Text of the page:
UK Parliament Report Slams Lanka, Says HR Situation Hasn't Improved

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  • 7/27/2019 UK Parliament Report Slams Lanka, Says HR Situation Hasn't Improved


    UK parliament report slams Lanka, says HR

    situation hasn't improvedFriday, October 18, 2013

    The British House of


    The British House of Commons Foreign Affairs Committee, has in a very critical report,noted that there is scant evidence of progress in political and human rights in SriLanka.Made up of House of Commons legislators, the report notes that as Prime MinisterDavid Cameron remains committed to attend the Commonwealth Heads ofGovernment Meeting (CHOGM) in Sri Lanka, he should obtain assurances from theSri Lankan Government that people who approach him to talk about human rights

    while he is in Sri Lanka to attend the summit do not face reprisals or harassment bysecurity forces.

    The Committee recorded evidence from human rights groups including AmnestyInternational and also obtained written statements from the British Foreign Officebefore compiling the report.The Committee wants the British Foreign Office, in its response to the report, statewhether it still holds the view that there is no substantiated evidence of torture ormaltreatment of people who have been returned by UK immigration authorities to SriLanka.(Colombo Gazette)

    Report on Sri LankaThe Government is clear that it has serious reservations about the state of humanrights in Sri Lanka. In the 2012 Human Rights and Democracy Report, the FCO listsas its concerns:

    Restrictions on freedom of expression and opinion
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    Attacks on, and intimidation of, journalists, legal professionals, human rightsdefenders and others

    Lack of progress on post-conflict reconciliation and the absence of anindependent, thorough and credible investigation into allegations of violationsof international humanitarian and human rights law by both sides during the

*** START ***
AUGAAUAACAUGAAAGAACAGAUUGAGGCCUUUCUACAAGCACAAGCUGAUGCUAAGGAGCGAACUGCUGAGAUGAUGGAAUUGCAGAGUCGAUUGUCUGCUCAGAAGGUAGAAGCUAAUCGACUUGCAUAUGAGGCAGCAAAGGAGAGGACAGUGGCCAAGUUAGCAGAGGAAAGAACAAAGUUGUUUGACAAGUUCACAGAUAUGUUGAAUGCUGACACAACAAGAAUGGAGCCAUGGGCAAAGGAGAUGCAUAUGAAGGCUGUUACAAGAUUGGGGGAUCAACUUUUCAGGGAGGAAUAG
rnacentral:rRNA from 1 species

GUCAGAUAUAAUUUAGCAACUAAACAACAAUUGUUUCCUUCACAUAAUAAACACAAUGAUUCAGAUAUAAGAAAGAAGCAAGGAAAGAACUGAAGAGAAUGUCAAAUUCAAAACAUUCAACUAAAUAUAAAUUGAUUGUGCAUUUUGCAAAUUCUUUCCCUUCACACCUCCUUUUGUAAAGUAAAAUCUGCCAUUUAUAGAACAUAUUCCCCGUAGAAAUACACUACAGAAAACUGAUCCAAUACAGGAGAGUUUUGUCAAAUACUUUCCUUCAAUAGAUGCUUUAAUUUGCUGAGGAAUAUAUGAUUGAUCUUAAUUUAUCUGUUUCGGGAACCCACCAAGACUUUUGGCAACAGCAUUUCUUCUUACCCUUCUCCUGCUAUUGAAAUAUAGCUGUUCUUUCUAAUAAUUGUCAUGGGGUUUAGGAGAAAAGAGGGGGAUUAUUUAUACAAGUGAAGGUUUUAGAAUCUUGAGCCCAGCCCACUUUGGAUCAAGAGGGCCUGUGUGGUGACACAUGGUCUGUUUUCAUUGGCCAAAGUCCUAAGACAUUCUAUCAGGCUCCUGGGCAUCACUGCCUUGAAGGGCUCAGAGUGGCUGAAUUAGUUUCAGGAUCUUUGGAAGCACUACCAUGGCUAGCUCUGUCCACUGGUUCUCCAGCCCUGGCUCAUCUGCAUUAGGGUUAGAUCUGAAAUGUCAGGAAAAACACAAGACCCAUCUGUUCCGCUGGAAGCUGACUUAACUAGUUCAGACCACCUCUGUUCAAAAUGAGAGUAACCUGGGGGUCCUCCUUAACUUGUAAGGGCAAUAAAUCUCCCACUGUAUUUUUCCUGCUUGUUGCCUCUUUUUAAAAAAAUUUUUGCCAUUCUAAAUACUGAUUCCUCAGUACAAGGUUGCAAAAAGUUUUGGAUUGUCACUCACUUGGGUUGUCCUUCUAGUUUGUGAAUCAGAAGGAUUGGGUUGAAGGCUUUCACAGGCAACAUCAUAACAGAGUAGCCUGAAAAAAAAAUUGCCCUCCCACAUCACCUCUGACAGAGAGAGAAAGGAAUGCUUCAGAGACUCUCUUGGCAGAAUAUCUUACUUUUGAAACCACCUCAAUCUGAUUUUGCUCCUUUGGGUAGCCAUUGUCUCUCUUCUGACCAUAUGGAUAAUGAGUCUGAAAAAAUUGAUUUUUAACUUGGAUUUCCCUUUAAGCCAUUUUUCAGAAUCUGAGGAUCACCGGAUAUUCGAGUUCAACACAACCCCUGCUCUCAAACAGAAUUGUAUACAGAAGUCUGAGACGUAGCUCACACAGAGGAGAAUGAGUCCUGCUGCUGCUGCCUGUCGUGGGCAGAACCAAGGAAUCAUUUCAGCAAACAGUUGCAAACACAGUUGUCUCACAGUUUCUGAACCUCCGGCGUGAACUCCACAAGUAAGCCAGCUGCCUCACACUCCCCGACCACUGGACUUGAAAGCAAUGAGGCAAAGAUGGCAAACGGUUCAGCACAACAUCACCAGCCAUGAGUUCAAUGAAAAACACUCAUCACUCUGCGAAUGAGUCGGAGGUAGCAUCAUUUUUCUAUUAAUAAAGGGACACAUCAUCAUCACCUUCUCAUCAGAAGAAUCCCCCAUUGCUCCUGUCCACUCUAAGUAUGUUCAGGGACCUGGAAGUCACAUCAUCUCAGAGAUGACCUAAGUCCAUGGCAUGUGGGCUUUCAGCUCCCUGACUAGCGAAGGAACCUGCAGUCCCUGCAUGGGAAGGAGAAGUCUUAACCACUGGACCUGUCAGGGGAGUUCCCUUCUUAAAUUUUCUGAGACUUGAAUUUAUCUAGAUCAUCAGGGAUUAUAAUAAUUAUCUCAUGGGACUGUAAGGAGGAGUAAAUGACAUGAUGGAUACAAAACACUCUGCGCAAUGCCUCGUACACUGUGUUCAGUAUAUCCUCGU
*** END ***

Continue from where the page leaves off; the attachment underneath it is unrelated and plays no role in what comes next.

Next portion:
military conflict

    Sri Lankas decision to reject a large number of recommendations at the UNHuman Rights Council during its Universal Periodic Review in November 2012.

    A number of these concerns were echoed in written submissions to our inquiry fromRedress and Amnesty International.


    14. The Government has come under pressure to show its disapproval of the morerepressive actions of the Sri Lankan government by declining to attend theCommonwealth Heads of Government Meeting to be held in Colombo in November2013. The Canadian Prime Minister, Stephen Harper, announced in September 2011that he would not attend the Colombo CHOGM unless he saw evidence of progress inhuman rights conditions in Sri Lanka. We recommended in our report on the Role andFuture of the Commonwealth, published in November 2012, that the Prime Ministershould publicly state his unwillingness to attend [CHOGM] unless he receivesconvincing and independently-verified evidence of substantial and sustainableimprovements in human and political rights in Sri Lanka.

    15. There is scant evidence of progress in political and human rights in Sri Lanka.Amnesty International told us in May that we continue to witness a deterioration ofhuman rights in Sri Lanka, including attacks on the judiciary and broader civil society.On 31 August, the UN High Commissioner for Human Rights, Navi Pillay, issued a

    statement following a seven-day mission to Sri Lanka, listing serious concerns aboutthe treatment of human rights defenders and the curtailment or denial of personalfreedoms, all of which suggested that the country was heading in an increasinglyauthoritarian direction. She also reported that Sri Lankans who had spoken to herduring the visit had been harassed and intimidated by security forces. The FCOs 2012